like you are moving slow and or your times are slow it's a training
issue. If you aren't pushing yourself in a race it's a mentality
issue.

Quote:
>I am training every
>day and when the coach says to run six miles, or three, I run them fairly
>well but I do not improve when a race comes. Does anyone have any advice on
>how to improve? Thank you.

        I agree with most of the people here. in saying "Have you
asked your coach". I can say going out and "jogging" 6 miles every day
will do nothing more than make you a better 6 mile jogger. If this is
the regiment that your coach has the entire team on then the coach is
not doing a very good job of coaching.
        If your coach is, as many public school coaches are these
days, a semi volunteer and untrained in running, inform him of some of
the suggestions here. Ask if he/she would do some studing/searches on
things like "Speed work" "fartlek" "intervals" and "hill work". He/she
may also need to read a few books on injury prevention and beginning
running. "Running injury free" by (I believe) Henderson is a good
book. If he/she is a complete novice suggest that you or him/her
subscribe to a running magazine. Runners World comes to mind. They
occasionally have some good suggestions and workouts.  I'm sure many
here have other suggestions.

~Matt

 
 
 

Why don't I improve?

Post by Bill » Wed, 02 Oct 2002 07:20:47

It does take patience.  To repeat what has been said:

Take breaks every other day, an easy week once a month, an easy month 3 or 4
times a year, etc., to let your body recover.  Push yourself occasionally when
you feel good and then back off for a day or two.

Running up hills can make a difference.  Increases in pace, especially on a soft
surface:  treadmill, sandy beach, trail, grassy field.  Vary the length of your
runs.  E.g., instead of running 6 miles each time out, alternate between 4 miles
and 8 miles on the next two runs.  Do the longer runs on a soft surface if
possible.

Do a longer run each week and do a faster, shorter session each week.  Do this
for 3 weeks each month.  Or, make up your own schedule to stress and recover.  
Experiment with short pickups in pace on a measured course, track or treadmill,
no more than once a week.  Results guaranteed.

Measurement helps me improve.  For example, if you are timing yourself on a
treadmill, you can increment your pace for a given length session in steps of .1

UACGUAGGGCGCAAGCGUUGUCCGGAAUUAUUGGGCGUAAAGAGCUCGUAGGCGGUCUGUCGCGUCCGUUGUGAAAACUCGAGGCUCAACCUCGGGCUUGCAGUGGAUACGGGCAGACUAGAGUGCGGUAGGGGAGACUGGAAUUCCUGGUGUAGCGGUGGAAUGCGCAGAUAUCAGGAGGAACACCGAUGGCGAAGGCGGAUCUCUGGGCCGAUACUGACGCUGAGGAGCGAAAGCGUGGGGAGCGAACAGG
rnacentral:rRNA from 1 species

mph.  If you increment once a week skipping one increment per month, you gain 1.
0 mph in 3 months.

--
Use our news server 'news.foorum.com' from anywhere.
More details at: http://nnrpinfo.go.foorum.com/

 
 
 

Why don't I improve?

Post by xenma » Thu, 03 Oct 2002 02:49:32


Quote:
> Hi, I'm 16 and on a high school cross country team and I have been for the
> past two years. Last year I was running a three mile race at around 21
min.
> This year, however, I have consistantly run 23:50 every race and time
check.
> It is early in the season, but these times have really been bad. I don't
> feel as though I am running, I'm just jogging in a race. I am training
every
> day and when the coach says to run six miles, or three, I run them fairly
> well but I do not improve when a race comes. Does anyone have any advice
on
> how to improve? Thank you.

When I was 16 I was also on my high school cross country
team.  For over half the season I was stuck on the border
of varsity and jr. varsity.  I also quit the team, but the
coach talked me out of it.

Then one day I ran a race in an angry mood.  I was angry with
myself for doing so poorly in the previous races.  It was
a competition against the worst team in the league, so the
coach withheld the top 4 runners on our team from the race.
My anger towards myself became anger towards everyone else
in the race.  I started at the front and refused to allow
anyone to pass me.  I won the race and my time dropped almost
a full minute over the 2.6 mile course.

This experience immediately taught me the that getting a good
performance during a race is just as much mental as physical.
If, when at the finish of a race, you're not about ready to
collapse and fall down, you didn't give it your best effort,
which is a mental problem.  If you feel "ok" at the end of
the race, once again, you didn't give it your best effort.
If you can talk, joke, laugh, smile... within five minutes
of the end of the race, you didn't give it your best effort.
The last half mile/800 meters should be pure torture, if not,
you didn't give it your best effort.

Get the picture?  Running your best in a race is about mental
ability as much as physical ability.  Now go for it!!!

 
 
 

Why don't I improve?

Post by TopCouns » Thu, 03 Oct 2002 04:09:26

Quote:
>Running your best in a race is about mental
>ability as much as physical ability.

I couldn't agree more.  I have often found that setting out with the goal only
of pushing myself to the limit will help me beat my prior times more easily
than having a specific time goal will.  What's more, you will sometimes beat
your prior times by surprisingly large margins.  True, on rare occasions you
will tank, but you have to find out your limits somehow.